Black coral forms white forests, and this paradox is a sad admission. It is an admission of the men who, to say it like it is, preferred it in death rather than in its living brightness, seeing it in terms of its use rather than stylishness. When we get closer, the cold is an illusion that ceases when the burning starts: the black coral paralyses the stinging jellyfish. This sea wasp met her match. Only three white forests are known on the French coastline. All of them are between 80 and 100 metres deep. Some experts thought that these small forests were the gathering of thousands of clones, forming one giant individual. Nonetheless, samples will reveal that some branches have a sex, mostly female. This means that different individuals can be born! This is quite reassuring because genetic diversity can emerge from sexual reproduction. The black coral present here will be less vulnerable to rapid climate changes.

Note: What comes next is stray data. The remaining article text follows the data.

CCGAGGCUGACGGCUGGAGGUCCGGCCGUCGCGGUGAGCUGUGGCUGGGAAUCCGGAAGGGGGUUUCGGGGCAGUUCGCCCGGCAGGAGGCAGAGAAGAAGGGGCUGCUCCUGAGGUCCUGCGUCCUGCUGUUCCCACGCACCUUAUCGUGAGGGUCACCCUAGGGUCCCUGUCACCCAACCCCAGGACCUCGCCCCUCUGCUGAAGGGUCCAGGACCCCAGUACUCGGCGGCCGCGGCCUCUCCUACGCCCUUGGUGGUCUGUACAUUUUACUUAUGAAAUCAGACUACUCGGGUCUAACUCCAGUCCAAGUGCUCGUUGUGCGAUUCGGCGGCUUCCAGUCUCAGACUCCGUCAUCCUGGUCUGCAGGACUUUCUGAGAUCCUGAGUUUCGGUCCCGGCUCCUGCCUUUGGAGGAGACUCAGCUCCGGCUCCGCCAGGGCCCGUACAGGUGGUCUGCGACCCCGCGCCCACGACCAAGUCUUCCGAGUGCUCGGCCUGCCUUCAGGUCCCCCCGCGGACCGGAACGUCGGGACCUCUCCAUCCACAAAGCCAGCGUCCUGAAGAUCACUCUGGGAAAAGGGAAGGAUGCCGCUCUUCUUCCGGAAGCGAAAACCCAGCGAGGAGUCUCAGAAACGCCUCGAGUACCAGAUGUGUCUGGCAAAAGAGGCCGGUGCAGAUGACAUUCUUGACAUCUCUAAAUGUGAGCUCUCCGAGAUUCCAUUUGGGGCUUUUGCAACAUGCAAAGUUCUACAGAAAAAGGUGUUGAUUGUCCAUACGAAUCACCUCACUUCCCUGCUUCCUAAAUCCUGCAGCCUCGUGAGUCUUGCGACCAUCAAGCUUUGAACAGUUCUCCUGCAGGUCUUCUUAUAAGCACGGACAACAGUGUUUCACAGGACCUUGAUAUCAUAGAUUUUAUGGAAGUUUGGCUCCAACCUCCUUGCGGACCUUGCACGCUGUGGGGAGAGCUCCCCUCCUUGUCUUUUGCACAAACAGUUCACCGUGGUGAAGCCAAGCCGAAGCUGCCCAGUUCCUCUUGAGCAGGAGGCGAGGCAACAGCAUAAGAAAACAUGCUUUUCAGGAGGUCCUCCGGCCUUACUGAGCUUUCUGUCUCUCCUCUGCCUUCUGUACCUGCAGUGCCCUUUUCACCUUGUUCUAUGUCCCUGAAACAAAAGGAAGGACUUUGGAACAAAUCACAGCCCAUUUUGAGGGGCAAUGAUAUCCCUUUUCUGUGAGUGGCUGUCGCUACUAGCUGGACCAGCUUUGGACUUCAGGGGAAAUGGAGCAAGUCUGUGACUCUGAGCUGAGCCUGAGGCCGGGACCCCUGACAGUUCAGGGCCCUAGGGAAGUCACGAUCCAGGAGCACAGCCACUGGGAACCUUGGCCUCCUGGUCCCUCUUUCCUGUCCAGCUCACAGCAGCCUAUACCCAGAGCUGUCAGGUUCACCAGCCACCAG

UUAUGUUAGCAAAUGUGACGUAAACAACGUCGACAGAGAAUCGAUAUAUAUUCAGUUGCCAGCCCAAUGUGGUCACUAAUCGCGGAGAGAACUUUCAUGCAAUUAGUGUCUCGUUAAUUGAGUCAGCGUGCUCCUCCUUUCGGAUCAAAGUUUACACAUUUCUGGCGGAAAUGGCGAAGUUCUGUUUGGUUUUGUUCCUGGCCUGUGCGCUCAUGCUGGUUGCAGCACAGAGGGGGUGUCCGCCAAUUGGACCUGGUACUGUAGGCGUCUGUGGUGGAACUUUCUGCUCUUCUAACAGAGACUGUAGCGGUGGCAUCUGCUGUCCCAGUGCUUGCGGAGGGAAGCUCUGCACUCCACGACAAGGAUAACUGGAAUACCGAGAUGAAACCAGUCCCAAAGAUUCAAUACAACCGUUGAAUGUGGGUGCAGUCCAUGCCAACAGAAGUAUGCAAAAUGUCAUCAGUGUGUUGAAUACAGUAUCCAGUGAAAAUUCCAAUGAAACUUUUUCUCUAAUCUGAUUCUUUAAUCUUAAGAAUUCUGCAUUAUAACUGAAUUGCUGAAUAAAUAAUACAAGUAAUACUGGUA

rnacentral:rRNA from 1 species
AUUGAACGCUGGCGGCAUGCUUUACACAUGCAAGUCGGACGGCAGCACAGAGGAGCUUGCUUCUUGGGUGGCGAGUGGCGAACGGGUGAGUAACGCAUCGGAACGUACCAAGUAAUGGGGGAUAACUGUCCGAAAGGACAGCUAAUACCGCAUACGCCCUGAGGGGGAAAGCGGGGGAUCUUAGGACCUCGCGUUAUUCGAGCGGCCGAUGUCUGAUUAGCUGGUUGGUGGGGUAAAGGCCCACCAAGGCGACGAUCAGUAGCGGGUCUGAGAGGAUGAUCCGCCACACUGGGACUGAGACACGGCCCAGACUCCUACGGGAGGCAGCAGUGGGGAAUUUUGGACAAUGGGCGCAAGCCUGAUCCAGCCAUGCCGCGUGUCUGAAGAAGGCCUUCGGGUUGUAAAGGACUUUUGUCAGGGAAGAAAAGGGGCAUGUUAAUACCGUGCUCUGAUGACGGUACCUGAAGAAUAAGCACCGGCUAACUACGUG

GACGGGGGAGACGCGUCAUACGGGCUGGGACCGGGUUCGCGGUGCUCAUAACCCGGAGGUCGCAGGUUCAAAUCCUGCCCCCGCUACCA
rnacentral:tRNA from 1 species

There are narwhal shrimps in the snowy branches. They are so numerous that they shape the scenery, red, striped with white and dotted with blue. There are thousands of them, and they are all connected: their antennae touch each other and create links between them. Thus, the slightest click is felt, and alert messages circulate in real time from one end to the other of this crustacean corporation... Narwhal shrimps invented social networks and high-speed information.